Imagine a version of “The King’s Speech” that’s set in 1887, not 1939. The king is a queen, and the imperial subject who educates a British monarch isn’t Australian but Indian. What the monarch learns to overcome isn’t a speech impediment but racial prejudice. And instead of being George VI the ruler in question is his great-grandmother.
There you have “Victoria & Abdul.”
It’s based on one of the odder footnotes to Victoria’s 63-year reign. Late in life, the royal household included a Muslim servant named Abdul Karim . Victoria treated “Mr. Karim” with a degree of affection and respect that raised the ire of members of the royal household.
If this sounds familiar, minus the multicultural aspect, it may be because of a previous version of Judi Dench playing Victoria. “Mrs. Brown” (1997) recounts a similar historical situation. The younger queen, still grieving from her husband’s death, became close to a Scottish servant, John Brown. In “Victoria & Abdul,” a particularly sour lady in waiting (Olivia Williams) refers to Karim as “the brown John Brown.” In fact, when Victoria and her retinue visit Balmoral, Karim, who usually wears Indian-themed garb, appears in checked Scottish tweeds. He laments their scratchiness.
Is there a more monarchial actress alive than Dench? She could play Victoria in her sleep. In a few scenes she does (the queen snores). As written, Karim is more exotic puppy dog than flesh-and-blood person. Endearing and deferential, he’s a scratchily dressed Gunga Din . Ali Fazal (“Furious 7”) has the thankless task of making him plausible. He succeeds. As head of the royal household, the late Tim Piggott-Smith excels at consistent consternation. Eddie Izzard seems to be suffering from perpetual heartburn as the Prince of Wales.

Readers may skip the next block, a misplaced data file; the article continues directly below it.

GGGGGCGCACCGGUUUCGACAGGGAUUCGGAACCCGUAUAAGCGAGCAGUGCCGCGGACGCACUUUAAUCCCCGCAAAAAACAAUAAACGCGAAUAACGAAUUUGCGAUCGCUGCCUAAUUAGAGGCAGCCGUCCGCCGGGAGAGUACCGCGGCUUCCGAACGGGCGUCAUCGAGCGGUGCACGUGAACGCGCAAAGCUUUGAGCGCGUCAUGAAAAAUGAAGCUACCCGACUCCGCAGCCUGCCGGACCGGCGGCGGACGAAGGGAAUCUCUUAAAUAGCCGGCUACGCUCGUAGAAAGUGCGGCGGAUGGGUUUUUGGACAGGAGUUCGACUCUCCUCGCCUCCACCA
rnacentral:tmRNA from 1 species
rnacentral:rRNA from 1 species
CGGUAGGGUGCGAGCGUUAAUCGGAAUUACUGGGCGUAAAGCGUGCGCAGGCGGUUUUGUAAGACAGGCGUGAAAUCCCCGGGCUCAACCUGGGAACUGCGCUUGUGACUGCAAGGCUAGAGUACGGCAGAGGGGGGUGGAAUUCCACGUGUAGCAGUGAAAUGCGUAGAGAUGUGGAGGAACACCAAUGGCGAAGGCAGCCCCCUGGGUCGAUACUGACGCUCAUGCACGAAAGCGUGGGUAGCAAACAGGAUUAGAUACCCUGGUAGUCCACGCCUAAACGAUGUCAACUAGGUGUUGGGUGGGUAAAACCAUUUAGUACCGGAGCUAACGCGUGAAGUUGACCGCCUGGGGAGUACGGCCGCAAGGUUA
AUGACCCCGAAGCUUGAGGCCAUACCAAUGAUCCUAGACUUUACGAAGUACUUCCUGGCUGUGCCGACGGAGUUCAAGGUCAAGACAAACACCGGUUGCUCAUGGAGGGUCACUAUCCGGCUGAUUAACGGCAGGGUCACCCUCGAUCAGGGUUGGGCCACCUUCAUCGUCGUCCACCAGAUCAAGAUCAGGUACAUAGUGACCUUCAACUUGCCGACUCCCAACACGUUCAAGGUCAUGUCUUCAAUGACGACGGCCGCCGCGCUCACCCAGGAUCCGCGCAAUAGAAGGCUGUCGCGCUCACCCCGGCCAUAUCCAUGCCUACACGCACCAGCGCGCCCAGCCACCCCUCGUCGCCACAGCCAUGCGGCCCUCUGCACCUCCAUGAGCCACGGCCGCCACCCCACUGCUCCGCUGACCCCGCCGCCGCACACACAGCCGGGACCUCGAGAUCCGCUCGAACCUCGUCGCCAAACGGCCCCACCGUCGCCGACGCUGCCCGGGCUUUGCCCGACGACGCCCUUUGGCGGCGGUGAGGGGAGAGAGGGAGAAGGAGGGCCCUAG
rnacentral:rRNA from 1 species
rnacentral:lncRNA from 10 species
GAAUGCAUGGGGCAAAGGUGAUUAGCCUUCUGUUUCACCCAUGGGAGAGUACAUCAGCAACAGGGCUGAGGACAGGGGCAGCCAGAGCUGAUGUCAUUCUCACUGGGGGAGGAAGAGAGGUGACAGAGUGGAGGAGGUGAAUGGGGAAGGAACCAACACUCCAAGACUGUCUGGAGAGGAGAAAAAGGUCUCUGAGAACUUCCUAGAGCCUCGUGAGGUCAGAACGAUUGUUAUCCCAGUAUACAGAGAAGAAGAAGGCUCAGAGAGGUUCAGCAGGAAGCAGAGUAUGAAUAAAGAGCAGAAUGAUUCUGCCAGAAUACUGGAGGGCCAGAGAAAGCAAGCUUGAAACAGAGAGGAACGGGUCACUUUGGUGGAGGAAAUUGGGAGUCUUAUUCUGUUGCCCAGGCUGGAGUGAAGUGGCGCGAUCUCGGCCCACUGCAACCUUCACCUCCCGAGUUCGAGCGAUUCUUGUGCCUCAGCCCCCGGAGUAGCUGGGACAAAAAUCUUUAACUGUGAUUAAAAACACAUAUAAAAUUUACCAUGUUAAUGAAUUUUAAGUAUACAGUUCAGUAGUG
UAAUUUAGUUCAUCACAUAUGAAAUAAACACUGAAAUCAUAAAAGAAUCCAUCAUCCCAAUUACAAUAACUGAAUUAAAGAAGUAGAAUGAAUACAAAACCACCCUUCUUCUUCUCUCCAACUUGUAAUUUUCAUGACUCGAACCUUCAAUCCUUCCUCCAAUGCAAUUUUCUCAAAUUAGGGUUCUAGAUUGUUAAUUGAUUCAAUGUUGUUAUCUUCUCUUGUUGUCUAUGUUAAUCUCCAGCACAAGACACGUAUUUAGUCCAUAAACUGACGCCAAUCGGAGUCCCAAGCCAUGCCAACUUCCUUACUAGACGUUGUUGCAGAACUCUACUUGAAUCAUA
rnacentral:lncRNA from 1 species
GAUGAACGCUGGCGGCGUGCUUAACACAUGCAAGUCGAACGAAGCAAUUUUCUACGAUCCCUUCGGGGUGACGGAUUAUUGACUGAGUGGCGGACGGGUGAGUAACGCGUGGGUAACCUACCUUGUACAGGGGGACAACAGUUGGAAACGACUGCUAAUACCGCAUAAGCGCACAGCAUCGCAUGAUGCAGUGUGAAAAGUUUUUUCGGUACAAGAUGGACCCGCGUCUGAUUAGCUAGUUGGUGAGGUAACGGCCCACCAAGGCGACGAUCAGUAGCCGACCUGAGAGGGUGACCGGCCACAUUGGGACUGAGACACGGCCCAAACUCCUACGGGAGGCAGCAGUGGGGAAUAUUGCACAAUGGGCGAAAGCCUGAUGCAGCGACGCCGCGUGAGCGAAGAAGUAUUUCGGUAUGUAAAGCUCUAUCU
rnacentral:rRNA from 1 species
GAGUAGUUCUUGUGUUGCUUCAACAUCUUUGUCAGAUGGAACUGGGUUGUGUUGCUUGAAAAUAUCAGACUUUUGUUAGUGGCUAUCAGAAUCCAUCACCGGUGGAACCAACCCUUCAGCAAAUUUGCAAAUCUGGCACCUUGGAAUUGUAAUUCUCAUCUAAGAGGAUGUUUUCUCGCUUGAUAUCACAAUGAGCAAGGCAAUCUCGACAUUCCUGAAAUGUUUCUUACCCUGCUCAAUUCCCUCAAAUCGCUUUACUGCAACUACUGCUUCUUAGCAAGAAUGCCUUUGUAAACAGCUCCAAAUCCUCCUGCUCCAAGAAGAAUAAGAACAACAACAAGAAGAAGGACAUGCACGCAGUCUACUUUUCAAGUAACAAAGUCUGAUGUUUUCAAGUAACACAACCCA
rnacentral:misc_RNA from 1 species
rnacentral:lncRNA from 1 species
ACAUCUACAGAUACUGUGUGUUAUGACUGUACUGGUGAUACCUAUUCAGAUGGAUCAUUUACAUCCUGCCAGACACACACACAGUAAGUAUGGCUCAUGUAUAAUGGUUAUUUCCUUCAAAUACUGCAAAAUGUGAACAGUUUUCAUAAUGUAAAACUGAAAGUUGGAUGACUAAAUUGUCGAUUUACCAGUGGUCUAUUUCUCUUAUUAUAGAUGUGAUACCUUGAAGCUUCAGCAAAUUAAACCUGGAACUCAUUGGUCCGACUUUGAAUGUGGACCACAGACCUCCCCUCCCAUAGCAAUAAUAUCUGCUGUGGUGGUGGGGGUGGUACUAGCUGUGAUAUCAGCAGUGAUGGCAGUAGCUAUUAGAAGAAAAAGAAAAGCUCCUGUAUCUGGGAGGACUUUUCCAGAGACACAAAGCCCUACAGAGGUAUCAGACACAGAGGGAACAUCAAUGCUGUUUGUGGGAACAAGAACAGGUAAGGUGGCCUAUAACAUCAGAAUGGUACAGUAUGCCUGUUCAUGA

Stephen Frears directed with customary professionalism, though he’s done the royal thing before, and better, with “The Queen” (2006). Lee Hall (“Billy Elliot,” “War Horse”) did the screenplay. It’s the sort of script where someone says with a straight face, “I think you should inform the Kaiser.” And when someone else asks “Why would you like to learn Hindi, your majesty?,” Victoria replies, “I’m the Empress of India.” Point taken.
“Victoria & Abdul” has something for everyone. It’s a travelogue, with ooh-and-aah scenes of Agra, Florence, and royal residences at Windsor, Balmoral, and on the Isle of Wight. It’s also costume drama, biopic, comedy of manners, soap opera, and indictment of discrimination. Which predominates? You get to decide, since Frears and Hall don’t.
That “Victoria & Abdul” has elements of each is readily apparent. What’s not so obvious is how reactionary the movie is. It’s the wise, all-seeing monarch who deplores “racialism” and is a multiculturalist. This Victoria is so ahead of her time she even refers to those she rules over as “citizens” rather than “subjects” (Wall has a knack for tin-eared heedlessness). “Victoria & Abdul” may be a plea for tolerance, but it’s a plea from on high. There’s a reason the names in the title don’t appear in alphabetical order. Abdul is the far more interesting character, but it’s her majesty the movie dotes on. God save the queen? Oh yes, and God help the rest of us.
VICTORIA & ABDUL
Directed by Stephen Frears. Written by Lee Hall. Starring Judi Dench, Ali Fazal, Tim Pigott-Smith, Eddie Izzard, Olivia Williams. At Boston Common, Kendall Square. 112 minutes. PG-13 (thematic elements and language).Mark Feeney can be reached at email@example.com.